RUTLAND, Vt. -- A judge refereeing a child-custody dispute between former lesbian partners balked Friday at issuing a contempt citation for one of them and instead gave her 30 days to appear in court with the girl or face arrest.
Lisa Miller has disappeared with 7-year-old Isabella Miller-Jenkins, and Miller's former partner renewed her call for help finding the girl.
"Every day I wonder where she is, and if she's OK," said Janet Jenkins, of Fair Haven. "Every time the phone rings, I hope it is someone calling to tell me they have found her."
Miller, the girl's biological mother, was ordered to surrender custody of Isabella on Jan. 1, but she failed to do so. The girl is now considered a missing person.
On Friday, Family Court Judge William Cohen - who had ordered the custody change two months ago - rejected Jenkins' plea for a contempt-of-court citation against Miller but found her in violation of his previous order. He set a Feb. 23 court date, saying if Miller doesn't appear with the child then, he would issue a warrant for her arrest.
He did not rule out referring the matter for a criminal prosecution on custodial interference.
A lawyer for Miller participated in the hearing by telephone. She told Cohen she doesn't know where Miller and the girl are now, and that she hadn't had any communications with her. The Forest, Va., apartment that was her last known address has been abandoned, according to Sarah Star, Jenkins' attorney.
The hearing Friday was the latest legal salvo in a long-running custody battle for the couple, who were joined in a civil union in Vermont in 2000. The baby was conceived via artificial insemination and Miller gave birth in 2002.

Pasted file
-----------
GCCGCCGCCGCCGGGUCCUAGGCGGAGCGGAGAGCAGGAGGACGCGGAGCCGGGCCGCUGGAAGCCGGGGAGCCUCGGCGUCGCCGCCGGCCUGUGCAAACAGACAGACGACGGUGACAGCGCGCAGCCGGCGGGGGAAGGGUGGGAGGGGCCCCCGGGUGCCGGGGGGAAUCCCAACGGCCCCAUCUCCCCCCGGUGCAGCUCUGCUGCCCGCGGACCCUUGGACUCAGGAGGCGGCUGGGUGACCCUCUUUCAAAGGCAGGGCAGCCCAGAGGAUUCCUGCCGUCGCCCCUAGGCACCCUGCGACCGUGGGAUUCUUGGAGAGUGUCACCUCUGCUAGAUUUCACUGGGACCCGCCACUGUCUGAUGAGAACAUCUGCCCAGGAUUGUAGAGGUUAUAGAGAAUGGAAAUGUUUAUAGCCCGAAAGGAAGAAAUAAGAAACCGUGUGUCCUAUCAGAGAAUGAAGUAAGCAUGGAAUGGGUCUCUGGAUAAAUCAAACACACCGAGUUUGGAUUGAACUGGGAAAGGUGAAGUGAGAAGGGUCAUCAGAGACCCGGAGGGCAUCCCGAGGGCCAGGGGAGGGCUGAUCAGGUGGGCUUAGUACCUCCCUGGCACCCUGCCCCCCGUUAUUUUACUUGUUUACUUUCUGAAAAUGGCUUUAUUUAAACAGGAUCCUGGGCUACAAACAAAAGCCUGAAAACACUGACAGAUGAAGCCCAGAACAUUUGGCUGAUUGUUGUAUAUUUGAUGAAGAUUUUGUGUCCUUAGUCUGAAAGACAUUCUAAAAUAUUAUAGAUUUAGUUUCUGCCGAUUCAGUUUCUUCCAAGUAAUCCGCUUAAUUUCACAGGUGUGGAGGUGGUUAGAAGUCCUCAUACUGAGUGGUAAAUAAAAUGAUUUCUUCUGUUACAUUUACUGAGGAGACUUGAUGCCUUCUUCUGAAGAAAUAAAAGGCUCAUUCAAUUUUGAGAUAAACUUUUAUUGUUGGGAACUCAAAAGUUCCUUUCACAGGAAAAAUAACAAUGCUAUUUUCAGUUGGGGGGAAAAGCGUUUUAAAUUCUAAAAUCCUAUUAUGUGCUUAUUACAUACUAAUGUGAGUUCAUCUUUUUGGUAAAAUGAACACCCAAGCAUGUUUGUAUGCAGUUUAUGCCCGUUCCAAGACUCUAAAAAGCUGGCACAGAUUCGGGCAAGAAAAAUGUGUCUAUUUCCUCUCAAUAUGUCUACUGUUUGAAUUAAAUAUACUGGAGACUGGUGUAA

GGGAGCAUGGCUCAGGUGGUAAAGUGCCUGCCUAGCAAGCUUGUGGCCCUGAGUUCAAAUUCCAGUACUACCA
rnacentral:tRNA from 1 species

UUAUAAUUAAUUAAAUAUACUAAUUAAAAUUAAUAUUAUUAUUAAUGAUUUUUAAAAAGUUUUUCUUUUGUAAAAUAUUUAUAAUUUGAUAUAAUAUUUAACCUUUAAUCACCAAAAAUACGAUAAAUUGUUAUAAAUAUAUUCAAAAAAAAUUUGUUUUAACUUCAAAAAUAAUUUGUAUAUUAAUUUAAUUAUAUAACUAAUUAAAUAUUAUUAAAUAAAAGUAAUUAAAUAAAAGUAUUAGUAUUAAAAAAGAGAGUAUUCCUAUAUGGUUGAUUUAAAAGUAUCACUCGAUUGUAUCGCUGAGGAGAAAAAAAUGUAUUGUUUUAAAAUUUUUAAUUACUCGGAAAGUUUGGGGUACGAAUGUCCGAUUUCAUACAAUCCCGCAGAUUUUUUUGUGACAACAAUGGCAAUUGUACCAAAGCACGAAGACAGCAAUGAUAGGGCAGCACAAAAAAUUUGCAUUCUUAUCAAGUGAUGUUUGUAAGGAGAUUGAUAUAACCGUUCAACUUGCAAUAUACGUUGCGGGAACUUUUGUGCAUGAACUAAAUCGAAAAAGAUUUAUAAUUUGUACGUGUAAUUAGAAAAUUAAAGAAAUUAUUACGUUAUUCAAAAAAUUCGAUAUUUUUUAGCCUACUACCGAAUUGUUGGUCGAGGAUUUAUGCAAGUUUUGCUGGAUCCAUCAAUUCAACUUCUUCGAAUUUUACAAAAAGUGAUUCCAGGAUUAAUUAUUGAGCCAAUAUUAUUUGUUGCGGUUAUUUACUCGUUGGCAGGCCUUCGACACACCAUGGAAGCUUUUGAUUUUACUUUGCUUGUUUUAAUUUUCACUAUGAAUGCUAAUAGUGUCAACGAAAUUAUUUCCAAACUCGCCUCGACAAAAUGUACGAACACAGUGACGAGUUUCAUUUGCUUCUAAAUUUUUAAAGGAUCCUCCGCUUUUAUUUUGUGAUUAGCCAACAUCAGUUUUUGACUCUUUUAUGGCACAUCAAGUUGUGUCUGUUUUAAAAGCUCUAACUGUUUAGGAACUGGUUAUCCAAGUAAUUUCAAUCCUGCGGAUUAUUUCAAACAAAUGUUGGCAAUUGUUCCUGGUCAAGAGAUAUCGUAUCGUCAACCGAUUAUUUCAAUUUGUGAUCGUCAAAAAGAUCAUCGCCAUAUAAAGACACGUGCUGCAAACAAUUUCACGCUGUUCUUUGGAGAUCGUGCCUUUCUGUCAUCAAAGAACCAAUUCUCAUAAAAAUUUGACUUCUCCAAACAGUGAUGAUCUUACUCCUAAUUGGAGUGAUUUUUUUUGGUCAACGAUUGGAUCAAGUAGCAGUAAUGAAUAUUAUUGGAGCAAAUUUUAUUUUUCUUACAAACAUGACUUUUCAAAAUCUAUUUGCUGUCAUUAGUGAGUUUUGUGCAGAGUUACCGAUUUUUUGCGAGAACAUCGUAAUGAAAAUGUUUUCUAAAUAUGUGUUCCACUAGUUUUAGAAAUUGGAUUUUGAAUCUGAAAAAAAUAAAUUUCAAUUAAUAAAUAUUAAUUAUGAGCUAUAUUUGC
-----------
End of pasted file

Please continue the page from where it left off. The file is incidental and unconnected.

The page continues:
In 2003, Miller and Jenkins broke up, and Miller moved to Virginia, renouncing homosexuality and becoming an evangelical Christian. She was granted custody of Isabella, but Jenkins got visitation rights.
Courts in Vermont and Virginia have since ruled in favor of Jenkins on the custody issue, most recently on Nov. 20, when Cohen - frustrated by Miller's refusal to obey court orders - ordered her to surrender custody to Jenkins, even though she isn't the birth mother.
"My goal has never been to separate Isabella from her other mother, Lisa," Jenkins said outside court Friday. "I just want what is best for our child, and that is to know both of her parents," said Jenkins, who encouraged anyone with knowledge of the girl's whereabouts to contact local law enforcement or the National Center for Missing and Exploited Children.
"Please help me find my child," she said.
During the hearing, Miller attorney Rena Lindevaldsen said she had no recent contact with Miller and asked to withdraw from the case, saying she couldn't represent her adequately without knowing what Miller wants.
Cohen rejected the request, saying that Lindevaldsen remains her attorney in a motion before the Vermont Supreme Court and that she couldn't withdraw as Miller's attorney in one Vermont court and stay on as it in another.
Jenkins said she last saw the girl a year ago, when they spent a three-day weekend together.
"It's so tragic, because when I would go to see my daughter, when we would be saying our goodbyes, I always tried to focus on the next time we were going to be together, knowing in the back of my mind that it might never happen," she said. "The last time I had her, she said `Am I ever going to see you again?' So I don't know if something was already being planned. That's where my brain goes now, because of what's happening.
"What 7-year-old ever says that to her mother? `Am I ever going to see you again?'" Jenkins said.
For those unfamiliar with the case, Newsweek did an excellent piece. It's quite sad and really scary that they are taking this long to find Isabella, who knows what this crazy lady is doing at the moment or where she is.